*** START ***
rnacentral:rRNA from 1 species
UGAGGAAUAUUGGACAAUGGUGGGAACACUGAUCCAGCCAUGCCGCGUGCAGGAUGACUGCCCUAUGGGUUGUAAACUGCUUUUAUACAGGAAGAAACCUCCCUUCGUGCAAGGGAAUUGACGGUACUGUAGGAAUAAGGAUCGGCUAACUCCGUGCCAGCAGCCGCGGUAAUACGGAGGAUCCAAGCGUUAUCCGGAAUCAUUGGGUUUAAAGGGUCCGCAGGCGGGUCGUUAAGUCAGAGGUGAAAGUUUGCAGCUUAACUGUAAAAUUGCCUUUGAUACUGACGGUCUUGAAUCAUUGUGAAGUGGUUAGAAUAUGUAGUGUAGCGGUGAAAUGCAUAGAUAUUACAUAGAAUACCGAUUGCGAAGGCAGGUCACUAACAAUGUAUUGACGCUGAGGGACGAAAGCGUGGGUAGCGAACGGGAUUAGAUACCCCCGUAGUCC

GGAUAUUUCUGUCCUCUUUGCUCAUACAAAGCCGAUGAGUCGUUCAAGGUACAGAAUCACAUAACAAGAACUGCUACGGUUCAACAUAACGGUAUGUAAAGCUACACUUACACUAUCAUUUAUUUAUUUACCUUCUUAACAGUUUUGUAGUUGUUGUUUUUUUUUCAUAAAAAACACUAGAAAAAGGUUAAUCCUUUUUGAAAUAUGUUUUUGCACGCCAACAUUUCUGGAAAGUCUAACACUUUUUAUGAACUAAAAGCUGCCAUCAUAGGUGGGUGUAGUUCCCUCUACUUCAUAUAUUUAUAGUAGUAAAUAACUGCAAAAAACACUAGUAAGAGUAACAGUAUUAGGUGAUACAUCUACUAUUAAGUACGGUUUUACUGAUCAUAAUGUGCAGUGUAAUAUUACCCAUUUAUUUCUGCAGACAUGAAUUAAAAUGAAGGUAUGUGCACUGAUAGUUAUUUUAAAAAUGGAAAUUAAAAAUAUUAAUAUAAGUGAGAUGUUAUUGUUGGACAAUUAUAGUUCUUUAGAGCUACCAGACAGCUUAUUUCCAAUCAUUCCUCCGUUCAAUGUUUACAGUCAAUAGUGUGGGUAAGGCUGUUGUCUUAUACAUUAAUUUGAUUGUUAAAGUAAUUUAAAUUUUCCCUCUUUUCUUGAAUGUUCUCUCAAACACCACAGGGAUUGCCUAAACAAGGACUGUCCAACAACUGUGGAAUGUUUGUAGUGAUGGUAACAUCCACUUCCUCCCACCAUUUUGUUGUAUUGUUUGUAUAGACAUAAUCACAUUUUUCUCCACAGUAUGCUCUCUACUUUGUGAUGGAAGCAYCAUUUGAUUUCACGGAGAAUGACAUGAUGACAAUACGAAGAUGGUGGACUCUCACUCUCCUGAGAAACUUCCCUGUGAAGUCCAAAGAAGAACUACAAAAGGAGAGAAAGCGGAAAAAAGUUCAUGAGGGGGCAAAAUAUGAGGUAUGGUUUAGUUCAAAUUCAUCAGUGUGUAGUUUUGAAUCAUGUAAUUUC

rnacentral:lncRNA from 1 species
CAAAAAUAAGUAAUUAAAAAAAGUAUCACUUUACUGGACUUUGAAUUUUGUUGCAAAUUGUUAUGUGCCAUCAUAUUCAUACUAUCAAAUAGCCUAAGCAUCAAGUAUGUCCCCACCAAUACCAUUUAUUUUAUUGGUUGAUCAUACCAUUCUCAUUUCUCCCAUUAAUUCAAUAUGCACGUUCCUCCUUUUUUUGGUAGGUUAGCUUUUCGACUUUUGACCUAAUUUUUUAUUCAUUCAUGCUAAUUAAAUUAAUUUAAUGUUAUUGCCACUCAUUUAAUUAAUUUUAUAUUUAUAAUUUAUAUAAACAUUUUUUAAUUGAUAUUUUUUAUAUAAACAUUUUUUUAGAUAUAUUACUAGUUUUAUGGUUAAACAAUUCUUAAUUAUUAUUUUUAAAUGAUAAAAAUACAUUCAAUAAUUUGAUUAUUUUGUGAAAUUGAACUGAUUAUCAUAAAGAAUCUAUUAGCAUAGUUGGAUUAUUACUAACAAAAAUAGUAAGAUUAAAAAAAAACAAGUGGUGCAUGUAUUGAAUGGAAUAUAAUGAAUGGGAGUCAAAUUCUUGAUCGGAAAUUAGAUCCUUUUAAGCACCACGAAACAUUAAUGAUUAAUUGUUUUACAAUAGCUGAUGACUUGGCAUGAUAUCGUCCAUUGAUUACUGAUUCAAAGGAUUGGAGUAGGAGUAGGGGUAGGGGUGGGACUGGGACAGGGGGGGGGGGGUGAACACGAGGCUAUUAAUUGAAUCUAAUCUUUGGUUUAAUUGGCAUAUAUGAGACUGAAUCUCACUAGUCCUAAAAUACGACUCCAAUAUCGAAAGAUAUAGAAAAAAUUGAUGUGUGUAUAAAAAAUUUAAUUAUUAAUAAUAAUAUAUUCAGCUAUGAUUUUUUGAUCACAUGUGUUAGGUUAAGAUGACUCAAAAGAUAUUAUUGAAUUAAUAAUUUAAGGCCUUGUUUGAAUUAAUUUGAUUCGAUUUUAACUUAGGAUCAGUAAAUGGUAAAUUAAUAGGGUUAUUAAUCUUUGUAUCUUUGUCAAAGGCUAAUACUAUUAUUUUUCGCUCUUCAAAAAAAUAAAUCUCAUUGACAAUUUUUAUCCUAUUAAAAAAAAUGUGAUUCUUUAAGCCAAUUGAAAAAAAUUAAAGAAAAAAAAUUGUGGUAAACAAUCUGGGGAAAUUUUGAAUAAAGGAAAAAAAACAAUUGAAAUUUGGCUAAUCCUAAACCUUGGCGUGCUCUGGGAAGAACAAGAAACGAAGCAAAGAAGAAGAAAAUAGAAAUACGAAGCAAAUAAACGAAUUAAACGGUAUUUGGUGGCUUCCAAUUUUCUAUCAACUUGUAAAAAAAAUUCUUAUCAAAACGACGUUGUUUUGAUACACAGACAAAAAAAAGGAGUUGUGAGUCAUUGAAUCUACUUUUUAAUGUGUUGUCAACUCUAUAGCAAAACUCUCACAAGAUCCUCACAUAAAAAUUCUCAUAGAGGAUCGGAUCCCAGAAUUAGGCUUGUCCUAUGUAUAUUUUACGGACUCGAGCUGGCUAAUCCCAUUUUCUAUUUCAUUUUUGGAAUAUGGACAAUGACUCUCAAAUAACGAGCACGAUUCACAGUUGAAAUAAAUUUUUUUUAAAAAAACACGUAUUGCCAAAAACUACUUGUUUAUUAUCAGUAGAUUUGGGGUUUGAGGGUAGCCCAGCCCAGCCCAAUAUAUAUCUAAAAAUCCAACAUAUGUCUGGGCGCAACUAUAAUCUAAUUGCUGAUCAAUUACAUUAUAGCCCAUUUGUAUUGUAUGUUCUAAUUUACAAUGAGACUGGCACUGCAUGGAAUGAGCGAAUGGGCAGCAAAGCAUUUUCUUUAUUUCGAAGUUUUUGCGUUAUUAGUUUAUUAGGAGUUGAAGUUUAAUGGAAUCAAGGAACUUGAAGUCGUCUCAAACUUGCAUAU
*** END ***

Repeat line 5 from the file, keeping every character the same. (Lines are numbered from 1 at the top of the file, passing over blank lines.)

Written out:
CAAAAAUAAGUAAUUAAAAAAAGUAUCACUUUACUGGACUUUGAAUUUUGUUGCAAAUUGUUAUGUGCCAUCAUAUUCAUACUAUCAAAUAGCCUAAGCAUCAAGUAUGUCCCCACCAAUACCAUUUAUUUUAUUGGUUGAUCAUACCAUUCUCAUUUCUCCCAUUAAUUCAAUAUGCACGUUCCUCCUUUUUUUGGUAGGUUAGCUUUUCGACUUUUGACCUAAUUUUUUAUUCAUUCAUGCUAAUUAAAUUAAUUUAAUGUUAUUGCCACUCAUUUAAUUAAUUUUAUAUUUAUAAUUUAUAUAAACAUUUUUUAAUUGAUAUUUUUUAUAUAAACAUUUUUUUAGAUAUAUUACUAGUUUUAUGGUUAAACAAUUCUUAAUUAUUAUUUUUAAAUGAUAAAAAUACAUUCAAUAAUUUGAUUAUUUUGUGAAAUUGAACUGAUUAUCAUAAAGAAUCUAUUAGCAUAGUUGGAUUAUUACUAACAAAAAUAGUAAGAUUAAAAAAAAACAAGUGGUGCAUGUAUUGAAUGGAAUAUAAUGAAUGGGAGUCAAAUUCUUGAUCGGAAAUUAGAUCCUUUUAAGCACCACGAAACAUUAAUGAUUAAUUGUUUUACAAUAGCUGAUGACUUGGCAUGAUAUCGUCCAUUGAUUACUGAUUCAAAGGAUUGGAGUAGGAGUAGGGGUAGGGGUGGGACUGGGACAGGGGGGGGGGGGUGAACACGAGGCUAUUAAUUGAAUCUAAUCUUUGGUUUAAUUGGCAUAUAUGAGACUGAAUCUCACUAGUCCUAAAAUACGACUCCAAUAUCGAAAGAUAUAGAAAAAAUUGAUGUGUGUAUAAAAAAUUUAAUUAUUAAUAAUAAUAUAUUCAGCUAUGAUUUUUUGAUCACAUGUGUUAGGUUAAGAUGACUCAAAAGAUAUUAUUGAAUUAAUAAUUUAAGGCCUUGUUUGAAUUAAUUUGAUUCGAUUUUAACUUAGGAUCAGUAAAUGGUAAAUUAAUAGGGUUAUUAAUCUUUGUAUCUUUGUCAAAGGCUAAUACUAUUAUUUUUCGCUCUUCAAAAAAAUAAAUCUCAUUGACAAUUUUUAUCCUAUUAAAAAAAAUGUGAUUCUUUAAGCCAAUUGAAAAAAAUUAAAGAAAAAAAAUUGUGGUAAACAAUCUGGGGAAAUUUUGAAUAAAGGAAAAAAAACAAUUGAAAUUUGGCUAAUCCUAAACCUUGGCGUGCUCUGGGAAGAACAAGAAACGAAGCAAAGAAGAAGAAAAUAGAAAUACGAAGCAAAUAAACGAAUUAAACGGUAUUUGGUGGCUUCCAAUUUUCUAUCAACUUGUAAAAAAAAUUCUUAUCAAAACGACGUUGUUUUGAUACACAGACAAAAAAAAGGAGUUGUGAGUCAUUGAAUCUACUUUUUAAUGUGUUGUCAACUCUAUAGCAAAACUCUCACAAGAUCCUCACAUAAAAAUUCUCAUAGAGGAUCGGAUCCCAGAAUUAGGCUUGUCCUAUGUAUAUUUUACGGACUCGAGCUGGCUAAUCCCAUUUUCUAUUUCAUUUUUGGAAUAUGGACAAUGACUCUCAAAUAACGAGCACGAUUCACAGUUGAAAUAAAUUUUUUUUAAAAAAACACGUAUUGCCAAAAACUACUUGUUUAUUAUCAGUAGAUUUGGGGUUUGAGGGUAGCCCAGCCCAGCCCAAUAUAUAUCUAAAAAUCCAACAUAUGUCUGGGCGCAACUAUAAUCUAAUUGCUGAUCAAUUACAUUAUAGCCCAUUUGUAUUGUAUGUUCUAAUUUACAAUGAGACUGGCACUGCAUGGAAUGAGCGAAUGGGCAGCAAAGCAUUUUCUUUAUUUCGAAGUUUUUGCGUUAUUAGUUUAUUAGGAGUUGAAGUUUAAUGGAAUCAAGGAACUUGAAGUCGUCUCAAACUUGCAUAU